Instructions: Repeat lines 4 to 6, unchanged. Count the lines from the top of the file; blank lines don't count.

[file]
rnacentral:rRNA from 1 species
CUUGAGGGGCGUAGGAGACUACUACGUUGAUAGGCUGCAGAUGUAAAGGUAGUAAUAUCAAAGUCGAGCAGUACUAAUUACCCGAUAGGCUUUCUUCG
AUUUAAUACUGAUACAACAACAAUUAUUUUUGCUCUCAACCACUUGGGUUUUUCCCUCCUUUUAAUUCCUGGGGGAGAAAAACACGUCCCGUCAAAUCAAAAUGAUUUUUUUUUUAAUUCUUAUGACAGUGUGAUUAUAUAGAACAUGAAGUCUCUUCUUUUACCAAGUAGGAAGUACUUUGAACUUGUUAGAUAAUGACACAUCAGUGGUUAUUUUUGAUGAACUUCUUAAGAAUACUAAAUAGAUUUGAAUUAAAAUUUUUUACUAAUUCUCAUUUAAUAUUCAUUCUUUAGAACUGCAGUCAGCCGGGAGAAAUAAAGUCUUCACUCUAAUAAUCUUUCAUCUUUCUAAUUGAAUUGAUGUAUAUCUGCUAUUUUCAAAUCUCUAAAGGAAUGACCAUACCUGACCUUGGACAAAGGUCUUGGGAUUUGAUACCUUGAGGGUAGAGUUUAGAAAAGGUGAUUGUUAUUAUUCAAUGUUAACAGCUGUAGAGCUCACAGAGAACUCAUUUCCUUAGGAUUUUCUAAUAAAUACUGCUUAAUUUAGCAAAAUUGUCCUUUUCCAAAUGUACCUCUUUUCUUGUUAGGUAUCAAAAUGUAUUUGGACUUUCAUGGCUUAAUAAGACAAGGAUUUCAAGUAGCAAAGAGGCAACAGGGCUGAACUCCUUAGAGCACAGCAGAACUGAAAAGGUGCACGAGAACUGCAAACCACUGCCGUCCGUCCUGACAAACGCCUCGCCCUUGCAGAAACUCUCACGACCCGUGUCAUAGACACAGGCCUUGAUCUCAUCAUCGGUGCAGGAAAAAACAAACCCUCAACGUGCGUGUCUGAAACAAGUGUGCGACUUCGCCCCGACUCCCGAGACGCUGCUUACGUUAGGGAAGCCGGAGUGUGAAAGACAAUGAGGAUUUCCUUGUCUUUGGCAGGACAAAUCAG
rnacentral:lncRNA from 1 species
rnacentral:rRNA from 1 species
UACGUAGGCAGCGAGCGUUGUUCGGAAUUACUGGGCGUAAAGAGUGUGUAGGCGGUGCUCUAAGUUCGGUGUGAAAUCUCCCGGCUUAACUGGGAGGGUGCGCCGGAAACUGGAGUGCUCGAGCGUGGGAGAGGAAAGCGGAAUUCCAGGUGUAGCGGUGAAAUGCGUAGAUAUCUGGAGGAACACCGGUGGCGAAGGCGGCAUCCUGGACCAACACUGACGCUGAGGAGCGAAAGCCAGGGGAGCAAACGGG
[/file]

rnacentral:lncRNA from 1 species
rnacentral:rRNA from 1 species
UACGUAGGCAGCGAGCGUUGUUCGGAAUUACUGGGCGUAAAGAGUGUGUAGGCGGUGCUCUAAGUUCGGUGUGAAAUCUCCCGGCUUAACUGGGAGGGUGCGCCGGAAACUGGAGUGCUCGAGCGUGGGAGAGGAAAGCGGAAUUCCAGGUGUAGCGGUGAAAUGCGUAGAUAUCUGGAGGAACACCGGUGGCGAAGGCGGCAUCCUGGACCAACACUGACGCUGAGGAGCGAAAGCCAGGGGAGCAAACGGG